Given the anarchist ethos of the Jackass films, it’s tempting to assume them to be the spontaneous creations of Johnny Knoxville and his masochistic mates. But director Jeff Tremaine has been at the helm from the beginning, working quietly behind the scenes to ensure that every prank and stunt is imbued with a modicum of professionalism and craftsmanship. And to make sure that nobody dies.
Ask yourself: Would a sequence like Jackass 3D’s "Poo-cano," in which Dave England’s bowels do their best impression of Mount Pinatubo, be nearly as effective if Tremaine hadn’t taken care to have England’s buttocks painted green and surrounded with an elaborately crafted mountain village, complete with a working train set and miniature doomed villagers? I don’t know. Frankly, I don’t ever want to know.
With Jackass 3D arriving this week to test the gag reflexes of moviegoers nationwide, Tremaine spoke with us about his latest assemblage of audacious, idiotic, and uproarious short subjects:
What I'd give to witness one of you guys getting pranked.
Oh, that's fun. We did a fun one here at the Roosevelt Hotel. We did the gorilla bit (in which Chris Pontius attacks the Margera parents while dressed in a gorilla suit) here. It's so fun not knowing if it's going to happen, if it’s gonna work. You have all this plotting, you know, and that was a particularly hard one because a fake gorilla is hard to pull off! But we darkened the room and just made sure there were enough distractions going on so they never got a great look. And the gorilla suit was really great and Chris was funny in it. I love when the impossible gets pulled off, like the giant hand. I didn't even want to shoot that bit. I didn't think it was going to work.
What I enjoy most is the reactions. I think that's where the real comedic skills come into play.
That's just pure, honest reactions. Like I said, your adrenaline is almost running hotter on a prank like that than it is on a big stunt. So much can go wrong. With that stunt, there's a foosball table that don't even see, and we slid the foosball table over just enough because we knew the guys' behaviors. Whenever they'd come to the production house, they'd congregate in the kitchen. So the hand had to go in the kitchen. And then I cheated it to where Wee Man would cheat their eye line a little bit so it gave us a little more time to come out and hit them. It's fun plotting the psychology of it, you know?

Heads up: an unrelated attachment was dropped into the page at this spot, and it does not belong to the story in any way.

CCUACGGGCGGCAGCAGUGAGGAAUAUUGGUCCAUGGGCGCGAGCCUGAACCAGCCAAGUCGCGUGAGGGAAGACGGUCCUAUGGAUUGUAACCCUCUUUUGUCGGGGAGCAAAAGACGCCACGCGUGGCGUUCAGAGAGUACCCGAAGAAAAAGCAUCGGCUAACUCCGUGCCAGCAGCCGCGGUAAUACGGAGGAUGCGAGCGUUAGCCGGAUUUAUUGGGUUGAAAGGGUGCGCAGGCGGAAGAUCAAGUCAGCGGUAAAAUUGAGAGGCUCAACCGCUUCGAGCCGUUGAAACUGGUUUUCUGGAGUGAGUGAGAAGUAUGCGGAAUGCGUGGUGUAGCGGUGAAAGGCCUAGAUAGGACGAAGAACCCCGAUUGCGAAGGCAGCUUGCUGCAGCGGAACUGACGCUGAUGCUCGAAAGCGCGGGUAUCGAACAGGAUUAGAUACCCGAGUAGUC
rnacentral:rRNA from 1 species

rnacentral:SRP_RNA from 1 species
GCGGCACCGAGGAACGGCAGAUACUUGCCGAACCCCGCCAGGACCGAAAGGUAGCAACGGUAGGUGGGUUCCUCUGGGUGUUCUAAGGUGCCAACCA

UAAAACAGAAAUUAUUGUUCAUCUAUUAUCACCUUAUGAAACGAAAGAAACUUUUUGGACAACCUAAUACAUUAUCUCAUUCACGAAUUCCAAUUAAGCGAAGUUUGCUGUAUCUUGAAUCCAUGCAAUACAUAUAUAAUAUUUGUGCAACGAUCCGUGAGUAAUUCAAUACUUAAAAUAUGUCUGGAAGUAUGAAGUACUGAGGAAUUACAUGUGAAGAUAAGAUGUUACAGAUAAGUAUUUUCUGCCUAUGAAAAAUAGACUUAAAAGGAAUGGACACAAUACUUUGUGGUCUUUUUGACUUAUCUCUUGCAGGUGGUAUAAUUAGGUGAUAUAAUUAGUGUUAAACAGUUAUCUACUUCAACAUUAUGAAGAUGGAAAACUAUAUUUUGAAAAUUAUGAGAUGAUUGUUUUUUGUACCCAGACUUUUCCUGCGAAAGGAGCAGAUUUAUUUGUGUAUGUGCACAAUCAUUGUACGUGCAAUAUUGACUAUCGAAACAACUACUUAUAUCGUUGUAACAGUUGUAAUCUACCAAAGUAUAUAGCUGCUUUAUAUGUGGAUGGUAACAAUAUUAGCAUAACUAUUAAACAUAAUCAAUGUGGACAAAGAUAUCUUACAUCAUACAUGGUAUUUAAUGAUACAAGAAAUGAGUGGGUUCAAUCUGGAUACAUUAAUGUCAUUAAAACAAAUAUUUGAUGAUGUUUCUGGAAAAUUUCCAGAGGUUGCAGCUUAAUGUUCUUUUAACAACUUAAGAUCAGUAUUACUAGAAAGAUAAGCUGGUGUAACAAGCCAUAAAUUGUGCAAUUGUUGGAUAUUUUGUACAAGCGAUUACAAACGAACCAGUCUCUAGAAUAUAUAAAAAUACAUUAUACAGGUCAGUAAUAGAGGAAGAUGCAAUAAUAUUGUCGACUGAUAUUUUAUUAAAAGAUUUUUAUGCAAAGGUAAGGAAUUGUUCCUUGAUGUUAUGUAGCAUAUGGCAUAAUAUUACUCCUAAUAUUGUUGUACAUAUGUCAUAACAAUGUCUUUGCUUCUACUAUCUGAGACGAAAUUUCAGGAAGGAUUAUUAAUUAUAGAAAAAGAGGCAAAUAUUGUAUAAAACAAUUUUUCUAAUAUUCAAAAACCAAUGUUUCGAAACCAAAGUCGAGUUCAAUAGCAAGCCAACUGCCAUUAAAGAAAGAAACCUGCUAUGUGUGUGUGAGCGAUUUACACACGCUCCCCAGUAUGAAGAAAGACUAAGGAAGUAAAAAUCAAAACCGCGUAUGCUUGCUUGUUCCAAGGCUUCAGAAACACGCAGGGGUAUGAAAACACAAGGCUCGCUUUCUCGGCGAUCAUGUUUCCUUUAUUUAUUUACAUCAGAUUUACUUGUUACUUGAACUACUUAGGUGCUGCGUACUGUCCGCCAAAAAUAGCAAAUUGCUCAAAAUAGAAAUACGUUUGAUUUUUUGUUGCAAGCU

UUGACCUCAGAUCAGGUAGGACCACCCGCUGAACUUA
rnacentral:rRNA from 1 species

And these guys are veterans. They're used to getting pranked, so you have to be a lot more clever.
And when we're shooting the movie, they go on high alert. That bit, that probably happened somewhere in the early stages of the movie, but not too early. They'd already started to get got. They get paranoid, you know? (Laughs)
Are you one of the guys who got peed on during the penis-cam sequence?
Did you ever think to yourself, I wonder if Kubrick ever got peed on?
(Laughs) I always related a lot more to say, Jane Goodall, than I did to Francis Ford Coppola, as far as my job goes. It's definitely more about studying the chimpanzees.
And what have you learned in your years of studying the chimpanzees?
Just believe in the impossible. Don't doubt certain things, man. It's hard because a lot of times you're right to doubt certain things, but when you get an idea that seems so far-fetched and you pull it off, that's the best bit there is. It's like in the second movie when we got Ehren (McGhehey) with the pubes on his face and we dressed him up as a terrorist. That one went as far as we planned it. We knew we had a win once we got the dick hair on his face, so anything after that was gravy. And we got the whole thing! It was just shocking how it worked like that. The best ones are the farthest fetched to go after. A lot of times, I shut them down because I think it's too far fetched and it’s not gonna happen, but we should probably try more of them.
Is that part of your role as a director, to be the voice of reason?
I think so. Yeah, to a degree that's my role. Knoxville and I are the ones who ultimately decide what's going to get shot and what's not. He's the one who came up with the idea for the high-five, and he stayed on and was like "We're doing this. We gotta do it." I was like, “All right, let’s try.” And sure enough, boom, boom, boom, everyone got hit.
And then he doubted me on the Poo-cocktail Supreme. I wrote that idea. It was sort of an homage to the first thing we ever did with MTV's money, which was tip Knoxville over in a port-o-john into a trash truck. So that was sort of the idea, and he didn't like it because of that. He was like, "We've kind of already done it." And I go, "Yeah, but it's sort of on a big scale. It's now our ten-year anniversary, let's do a sort of tribute."